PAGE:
What better way to spend a Saturday than watching sport and feasting on this little lot?
Foie gras is something I’d been desperate to taste for years. Like caviar and truffles, I think it’s well established as a must-try luxury food item – something an ordinary person can’t afford to eat regularly, but would probably be excited to eat if given the opportunity.
For some people, the controversial methods used in foie gras production (below) are enough to put them off.
In my case, it probably makes it even more appealing. It’s not that I revel in cruelty towards animals (and I should stress that this is perceived cruelty; the video does some debunking of the cruelty allegations), I’m just of the opinion that they wouldn’t bother with this production method (or be allowed to) if the end product wasn’t wonderful.
And I’m not about to walk away from the chance to taste something ‘wonderful’ just because it was made by forcing grain down a bird’s throat.
It was two-star Michelin restaurant Hibiscus in London that presented me with this chance at the end of July, rolling out a dish of roasted duck foie gras half-way through a ten-course tasting menu. The title of ‘best thing I’ve ever tasted in my life’ had already changed hands twice that night, so it was going to have to go some way to impress.*
And boy did it ever. Richer than a Russian oligarch, smoother than a Cuban cigar and with more bottle than a crate of potcheen, it was (and remains) by far and away the most flavourful thing I’ve ever put in my mouth.**
I was really surprised by how strongly the duck flavour came through. I’m not sure what I expected it to taste like, but extremely ducky wasn’t it. It tasted like they’d made a concentrate of duck breast and fat, one with a flavour ten times more powerful than that of your standard duck, and infused it into a block of clarified butter.***
I felt like I could get gout just by smelling it. And as it passed my lips, thoughts turned to the likelihood of type 2 diabetes. But as I chewed for the first time and the foie gras melted on my tongue, thoughts of anything that wasn’t directly linked to the tastegasm I was experiencing just evaporated away.
It was monumentally brilliant.
I was too distracted by what was happening in my mouth to remember how to speak, so when my wife asked me whether I was enjoying the food, my answer was simply a moan of pleasure. She apologised and said she didn’t realise I was having a bit of a moment. “Would you and the foie gras like to get a room?” she asked.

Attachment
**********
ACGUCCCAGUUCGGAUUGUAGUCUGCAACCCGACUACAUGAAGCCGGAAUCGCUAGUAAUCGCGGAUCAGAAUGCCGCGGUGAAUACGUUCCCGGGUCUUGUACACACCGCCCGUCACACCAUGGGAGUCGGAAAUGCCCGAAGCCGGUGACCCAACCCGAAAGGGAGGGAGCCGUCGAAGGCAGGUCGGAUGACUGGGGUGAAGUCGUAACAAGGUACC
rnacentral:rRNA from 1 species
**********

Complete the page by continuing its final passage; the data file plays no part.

But I just ignored her. You see, the only thing that mattered in that moment was not that it was the first night of our honeymoon; the beginning of a lifetime of marital bliss. It was me stuffing my face with a fatty duck organ.
I find it very hard to express just what a revelation this dish was to me. I had no idea food could be so big and deep and powerful in flavour. It awakened parts of my tastebuds I never knew existed.
For my wife it was too much. After loving the first couple of bites, the richness began to take its toll and she stopped enjoying it.
But on me it seemed to have the opposite effect; it made it rather addictive. My stomach, my bowels, my entire digestive system began to beg for mercy, but my tastebuds were saying: “Keep shovelling this down your gob. I don’t care if your eyeballs bleed dripping and your veins turn to suet, you will keep on eating this until there is no more left.”
When finally it was all gone, I felt like I could weep. Tears of sorrow that the love I’d had was lost; tears of joy that I’d been able to love at all.
(I’m probably going a bit over the top again, but whatever, it’s my blog.)
Later on in the evening, on the table next to mine, I noticed an Australian bloke who looked like Marcus Brigstocke eating the same dish. Asked what he thought of it by a waiter, he described it as being merely “alright”.
It’s that kind of attitude that lost them the Ashes.
I didn’t think anything was going to top the foie gras during the rest of the meal, and alas nothing that followed came remotely close. Over the course of the week, as we went to a couple of three-star places and a magnificent steakhouse, a few dishes emerged that just about pipped it.
Unfortunately, the only other duck foie gras I had on the trip, at Alain Ducasse, paled in comparison. That version was seared and had a much more subtle flavour. It was still very good and indeed my wife much preferred it in this more toned-down form, but it failed to blow my socks off like the foie gras at Hibiscus.****
This was exactly the kind of experience I was after when I made The List of foods to try before I die. Hopefully there’ll be many more just like it.
Verdict: Highest possible recommendation
*Reigning champion, Big Fat Scallop, had seemed remarkably confident as the rookie ingredient made its way down to the ring. He’d ripped the belt from the claws of Raw Crab earlier in the evening and already made an impressive first defence, tapping out Marginally Overcooked John Dory in a matter of seconds. But the hulking bruiser was no match for Engorged Duck Liver, who had a move set he’d never seen before. Realising his charge didn’t stand a chance against such a relentless assault, Scallop’s trainer, the Welk, threw in the towel after two minutes.
***Incidentally, the bread at Hibiscus, in combination with a vivid yellow butter, was out of this world.
**** I think it says a lot that I barely remember what else was on the plate at Hibiscus, but my most vivid memory of the dish at Alain Ducasse is not the foie gras, but the magnificent duck blood sauce that was served with it.